Friday, Mar. 16th 2018

Child’s play: Head Start can lead the way in creating smarter learning spaces indoors and out

By Tiffany Alston
President, Nevada Head Start Association

An amazing attribute about Head Start and another advantage: Since programs across the country are community-based and culturally reflective, they can easily incorporate new theories about early childhood education, absorbing from parents and community.

More and more, Head Start programs are holistically linking education and environment: Allowing learning to flow both indoors and outdoors and using curriculum—especially STEM—outside as well as inside during play time. In a child’s world, play time is really learning time, too.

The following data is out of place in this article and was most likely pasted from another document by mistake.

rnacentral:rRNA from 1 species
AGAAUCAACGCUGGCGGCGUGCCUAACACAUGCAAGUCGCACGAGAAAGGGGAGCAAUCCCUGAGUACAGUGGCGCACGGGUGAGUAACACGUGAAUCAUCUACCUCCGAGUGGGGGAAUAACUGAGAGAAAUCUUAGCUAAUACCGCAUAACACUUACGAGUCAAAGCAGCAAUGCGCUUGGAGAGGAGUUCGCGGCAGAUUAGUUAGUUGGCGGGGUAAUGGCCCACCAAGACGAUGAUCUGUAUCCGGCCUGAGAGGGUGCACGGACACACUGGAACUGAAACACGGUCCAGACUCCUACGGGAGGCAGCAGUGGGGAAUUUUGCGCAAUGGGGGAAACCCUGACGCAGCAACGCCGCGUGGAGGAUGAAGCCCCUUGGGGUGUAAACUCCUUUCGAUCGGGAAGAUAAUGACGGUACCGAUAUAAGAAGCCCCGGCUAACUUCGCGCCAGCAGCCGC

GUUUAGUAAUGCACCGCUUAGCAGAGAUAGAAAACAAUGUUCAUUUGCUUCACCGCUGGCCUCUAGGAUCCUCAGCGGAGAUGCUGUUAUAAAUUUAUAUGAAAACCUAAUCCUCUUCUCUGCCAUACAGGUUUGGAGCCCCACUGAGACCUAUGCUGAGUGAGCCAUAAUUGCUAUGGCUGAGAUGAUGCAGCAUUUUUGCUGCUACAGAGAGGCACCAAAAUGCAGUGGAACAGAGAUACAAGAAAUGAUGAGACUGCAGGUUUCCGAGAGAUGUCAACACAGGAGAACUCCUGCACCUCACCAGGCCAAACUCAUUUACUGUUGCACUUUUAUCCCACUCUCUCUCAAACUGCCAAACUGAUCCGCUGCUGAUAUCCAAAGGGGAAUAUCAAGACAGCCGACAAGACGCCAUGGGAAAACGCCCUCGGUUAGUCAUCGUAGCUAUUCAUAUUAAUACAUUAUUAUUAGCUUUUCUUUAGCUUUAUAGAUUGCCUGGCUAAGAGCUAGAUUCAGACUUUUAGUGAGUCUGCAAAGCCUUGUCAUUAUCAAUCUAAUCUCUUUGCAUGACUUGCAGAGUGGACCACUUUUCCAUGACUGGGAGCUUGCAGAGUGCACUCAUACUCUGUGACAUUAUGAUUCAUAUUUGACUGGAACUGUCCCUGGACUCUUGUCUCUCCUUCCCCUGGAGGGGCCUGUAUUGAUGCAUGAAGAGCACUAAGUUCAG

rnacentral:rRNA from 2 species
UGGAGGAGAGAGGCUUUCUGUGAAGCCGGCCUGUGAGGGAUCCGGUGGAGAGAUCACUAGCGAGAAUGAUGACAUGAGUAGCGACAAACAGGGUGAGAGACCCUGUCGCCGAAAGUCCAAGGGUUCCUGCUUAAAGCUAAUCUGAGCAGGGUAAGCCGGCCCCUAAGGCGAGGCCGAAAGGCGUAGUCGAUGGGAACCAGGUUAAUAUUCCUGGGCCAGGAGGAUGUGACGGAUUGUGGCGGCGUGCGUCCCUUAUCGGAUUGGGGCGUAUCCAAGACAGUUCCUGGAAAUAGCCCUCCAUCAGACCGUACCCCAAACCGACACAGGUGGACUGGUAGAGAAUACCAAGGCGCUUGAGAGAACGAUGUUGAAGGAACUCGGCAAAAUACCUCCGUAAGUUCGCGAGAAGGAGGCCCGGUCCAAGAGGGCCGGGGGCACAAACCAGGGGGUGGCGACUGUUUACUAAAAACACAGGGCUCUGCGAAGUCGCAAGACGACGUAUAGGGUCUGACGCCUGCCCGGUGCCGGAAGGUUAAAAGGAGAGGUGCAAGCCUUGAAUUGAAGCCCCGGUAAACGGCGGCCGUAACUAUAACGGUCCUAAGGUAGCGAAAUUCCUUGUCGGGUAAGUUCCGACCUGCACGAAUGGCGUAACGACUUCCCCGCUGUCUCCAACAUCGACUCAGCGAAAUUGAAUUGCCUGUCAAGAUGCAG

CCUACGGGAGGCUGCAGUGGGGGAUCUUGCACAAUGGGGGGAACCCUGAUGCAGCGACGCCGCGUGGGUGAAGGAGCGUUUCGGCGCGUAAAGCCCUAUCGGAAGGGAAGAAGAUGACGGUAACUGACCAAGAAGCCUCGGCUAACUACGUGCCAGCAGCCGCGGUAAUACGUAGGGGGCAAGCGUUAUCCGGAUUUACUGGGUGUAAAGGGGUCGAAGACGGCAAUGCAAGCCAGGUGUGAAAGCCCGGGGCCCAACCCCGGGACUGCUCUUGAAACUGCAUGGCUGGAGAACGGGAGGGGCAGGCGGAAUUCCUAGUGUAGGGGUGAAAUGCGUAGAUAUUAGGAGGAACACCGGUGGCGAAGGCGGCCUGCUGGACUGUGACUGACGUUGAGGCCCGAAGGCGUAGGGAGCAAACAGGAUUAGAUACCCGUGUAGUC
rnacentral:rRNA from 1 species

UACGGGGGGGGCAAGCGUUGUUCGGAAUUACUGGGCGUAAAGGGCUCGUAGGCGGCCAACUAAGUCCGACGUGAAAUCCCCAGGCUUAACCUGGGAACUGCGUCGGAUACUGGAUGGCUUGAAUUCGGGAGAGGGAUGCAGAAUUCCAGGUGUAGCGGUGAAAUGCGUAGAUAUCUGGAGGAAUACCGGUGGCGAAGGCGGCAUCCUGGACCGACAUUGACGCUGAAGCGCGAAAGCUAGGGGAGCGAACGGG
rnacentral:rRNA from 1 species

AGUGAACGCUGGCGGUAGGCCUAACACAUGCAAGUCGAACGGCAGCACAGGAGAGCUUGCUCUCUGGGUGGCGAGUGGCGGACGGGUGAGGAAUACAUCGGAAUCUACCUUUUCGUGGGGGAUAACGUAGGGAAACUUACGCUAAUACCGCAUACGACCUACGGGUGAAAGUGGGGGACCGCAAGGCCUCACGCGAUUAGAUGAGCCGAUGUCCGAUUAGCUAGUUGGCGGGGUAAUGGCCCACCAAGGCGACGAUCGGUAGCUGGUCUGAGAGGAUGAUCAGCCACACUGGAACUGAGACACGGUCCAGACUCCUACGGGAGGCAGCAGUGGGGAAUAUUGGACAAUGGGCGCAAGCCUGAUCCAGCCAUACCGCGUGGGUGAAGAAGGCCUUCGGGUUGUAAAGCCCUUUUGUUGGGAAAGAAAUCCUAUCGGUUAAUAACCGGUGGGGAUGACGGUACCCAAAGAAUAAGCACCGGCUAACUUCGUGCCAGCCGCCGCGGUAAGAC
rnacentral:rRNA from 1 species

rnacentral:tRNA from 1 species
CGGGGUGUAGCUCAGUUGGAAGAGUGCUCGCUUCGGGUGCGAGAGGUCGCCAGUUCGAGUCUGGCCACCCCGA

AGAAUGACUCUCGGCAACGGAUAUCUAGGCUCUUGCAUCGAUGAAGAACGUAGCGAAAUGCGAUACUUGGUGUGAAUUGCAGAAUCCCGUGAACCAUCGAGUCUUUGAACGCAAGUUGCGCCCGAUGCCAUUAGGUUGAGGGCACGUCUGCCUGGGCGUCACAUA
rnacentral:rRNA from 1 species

What the experts in education tell us is this: “For human beings, learning is as fundamental as life itself. From the moment we are born up through age three, our brains create 700 new neural connections each second.”1

A Head Start classroom, then, should be a space that encourages exploration, experimentation—of making connections. The learning spaces also need to reflect their respective communities and be uplifting for the young students, their parents and teachers.

“It is more important than ever for school districts, administrators and educational designers/architects to reevaluate the traditional pre-K or kindergarten classroom to provide more creative, engaging and specialized early childhood learning spaces,” says architect Stephen M. Nelson.